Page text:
I'm still puzzling over the issue of texture stage UV data for your seats example. It seems DBP doesn't work with UV stages in the way I first thought. Could you add a new set of UV coords to your station seat object so I can test the lightmapping issue? I thought I could do it in DBP - but can't it seems (I can only change data which is already there, it seems).

Edit: LIT has answered my query on the following thread:

http://forum.thegamecreators.com/?m=forum_view&t=97827&b=1

I can now test my bump and lightmapping shader with alpha transparency with separate UV coords. I'll post it as soon as I can, but probably not today.

Edit: Actually, here it is. With Lost In Thought's fix to the DBP code the new shader worked first time. It assumes the base texture is stage 0, normal map on stage 1 and lightmap on stage 2, and the look-up texture is on stage 3. The shader allows you to set completely different UV coords for stages 0, 1 and 2. The coords for stage 3 are set in the shader itself.

I still have to think about your issue with the lighting/geometry - but I'll put that as low priority for the moment. Hope that's OK. The main idea seems to be working.

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Posted: 15th Jan 2007 21:55 Edited at: 16th Jan 2007 08:12
@Green Gandalf

great that you were able to figure it out. i just got the seats from my co-artist. i think you no longer need them now
thanks a lot gandalf, I will test the shader tomorrow.

[UPDATE]

I did some testing and your shader is excellent. Thanks a lot Gandalf ! We owe you big time. However can you put me on your Inquiry queue for a new Inquiry ?
Instead the lighting/geometrie inquiry, could you please instead just try to implement an alpha channel on Evolveds NormalMapping 2.0 shader ? Probably just as you did on yours, place an alpha map on the color map.
Our plan is to use your shader on level geometrie, and Evolved's Shader on our animated character objects.

Anyways, thank you for all the time and help !

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Posted: 16th Jan 2007 13:14
@Irradic

Are you entering the NVIDIA competition?

Quote: "Evolveds NormalMapping 2.0 shader"


Can you clarify precisely which shader you are talking about (in case I get muddled between Ninja Matt's and EVOLVED's shaders again)? [I'm at work at the moment and don't have the code handy.]

Anyway, I'll look at the rest of the queue first.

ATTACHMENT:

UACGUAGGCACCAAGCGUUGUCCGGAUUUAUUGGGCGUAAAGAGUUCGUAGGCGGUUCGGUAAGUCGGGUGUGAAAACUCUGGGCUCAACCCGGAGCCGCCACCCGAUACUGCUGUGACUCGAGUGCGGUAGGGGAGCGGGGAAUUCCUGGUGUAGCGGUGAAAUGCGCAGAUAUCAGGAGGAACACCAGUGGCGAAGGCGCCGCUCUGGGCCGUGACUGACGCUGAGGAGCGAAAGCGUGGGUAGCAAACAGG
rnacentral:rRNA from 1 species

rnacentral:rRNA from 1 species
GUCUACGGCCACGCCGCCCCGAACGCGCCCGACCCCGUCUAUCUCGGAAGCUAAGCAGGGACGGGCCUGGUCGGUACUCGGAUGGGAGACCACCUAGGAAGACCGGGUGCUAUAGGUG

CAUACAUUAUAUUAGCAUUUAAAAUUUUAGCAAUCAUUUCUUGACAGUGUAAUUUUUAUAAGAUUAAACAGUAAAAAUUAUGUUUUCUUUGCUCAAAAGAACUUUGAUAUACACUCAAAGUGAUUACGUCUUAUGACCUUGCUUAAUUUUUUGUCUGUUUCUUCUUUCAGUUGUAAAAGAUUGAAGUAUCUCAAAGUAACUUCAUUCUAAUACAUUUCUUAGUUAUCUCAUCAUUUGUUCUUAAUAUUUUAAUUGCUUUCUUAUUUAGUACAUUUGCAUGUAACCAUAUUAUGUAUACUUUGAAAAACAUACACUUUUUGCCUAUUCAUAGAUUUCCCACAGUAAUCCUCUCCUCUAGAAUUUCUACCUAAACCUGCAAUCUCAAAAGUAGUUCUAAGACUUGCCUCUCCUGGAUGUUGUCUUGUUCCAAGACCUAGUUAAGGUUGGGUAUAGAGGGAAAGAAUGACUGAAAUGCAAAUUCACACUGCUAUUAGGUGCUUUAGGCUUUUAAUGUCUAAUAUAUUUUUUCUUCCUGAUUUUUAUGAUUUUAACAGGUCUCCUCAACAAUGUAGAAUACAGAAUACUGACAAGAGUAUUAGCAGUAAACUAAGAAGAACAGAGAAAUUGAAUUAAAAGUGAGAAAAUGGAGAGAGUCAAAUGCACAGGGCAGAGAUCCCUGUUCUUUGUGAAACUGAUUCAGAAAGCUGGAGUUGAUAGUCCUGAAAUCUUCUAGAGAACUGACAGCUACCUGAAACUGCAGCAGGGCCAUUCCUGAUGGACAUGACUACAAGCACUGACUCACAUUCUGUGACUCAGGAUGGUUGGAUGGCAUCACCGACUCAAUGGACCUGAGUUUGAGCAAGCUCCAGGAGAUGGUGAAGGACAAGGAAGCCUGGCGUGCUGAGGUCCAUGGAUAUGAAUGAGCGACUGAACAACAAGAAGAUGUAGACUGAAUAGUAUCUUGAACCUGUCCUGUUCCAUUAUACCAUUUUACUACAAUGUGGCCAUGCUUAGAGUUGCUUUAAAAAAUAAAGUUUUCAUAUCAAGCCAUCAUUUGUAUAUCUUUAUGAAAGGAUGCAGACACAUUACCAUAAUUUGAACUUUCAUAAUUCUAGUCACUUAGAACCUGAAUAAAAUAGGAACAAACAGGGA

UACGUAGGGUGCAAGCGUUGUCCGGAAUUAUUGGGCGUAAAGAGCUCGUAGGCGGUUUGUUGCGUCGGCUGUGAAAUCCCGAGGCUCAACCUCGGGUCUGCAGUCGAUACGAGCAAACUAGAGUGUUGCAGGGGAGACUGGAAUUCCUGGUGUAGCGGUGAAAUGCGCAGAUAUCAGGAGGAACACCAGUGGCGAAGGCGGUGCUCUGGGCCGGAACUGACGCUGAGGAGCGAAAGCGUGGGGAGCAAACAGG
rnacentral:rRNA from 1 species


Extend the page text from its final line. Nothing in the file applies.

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Posted: 16th Jan 2007 14:48 Edited at: 16th Jan 2007 14:49
I attached the shader to my last post. It's the normal map shader 2.0 "normalmappingSM20.fx", part of the 4 lighting shader pack from EVOLVED (in the ultiamte shader pack).
We are still trying to make it till the dead line, but if we will succeed is a different story. We will finish this none the less though.
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Posted: 16th Jan 2007 15:56 Edited at: 16th Jan 2007 16:42
Quote: "I attached the shader to my last post."


So you did. Sorry!

Quote: "Instead the lighting/geometrie inquiry, could you please instead just try to implement an alpha channel on Evolveds NormalMapping 2.0 shader ? Probably just as you did on yours, place an alpha map on the color map."


Had a quick look at the code again. The changes required look simple at first sight - but I'm not sure. The trick is to get the required alphablending right when several passes are used. I would think the shader could be streamlined by using "for" loops rather than multiple passes (a lot of instructions are unnecessarily executed twice per pixel) - but I'll stick to editing it as is (if possible).

Edit: Fairly sure one way it can be done is as follows:

first pass - alpha blend destination with source in usual way using alpha level from base texture (i.e. srcBlend = srcAlpha, destBlend = invSrcAlpha);

second and subsequent passes - alpha blend destination with source using srcBlend = srcAlpha, destBlend = one.

The only other thing to change is the output of the various pixel shaders. These all need the alpha component to be set to the base texture alpha value.

Will try this later when I get home.

The really hard part is to get this done, tested and posted before EVOLVED does.

Edit: First uncompiled and unchecked revised version attached. I'll edit it later if it doesn't work.

I've marked all the lines I had to change.

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Irradic
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Posted: 16th Jan 2007 18:18 Edited at: 16th Jan 2007 18:24
Wow, thanks a lot I didn't expect you'll do it right away.
I tested the shader with techniques Light1-Light6, everything seems to be ok and working. I didn't encounter any problems.
Guess you got it right at the first try. I can't thank you enough.

I was wondering...Depth of Field was 1 of the effects we wanted to have in-game if possible. So I did some research, but a search on the forum resulted in 4-5 posts. The latest was from 2005.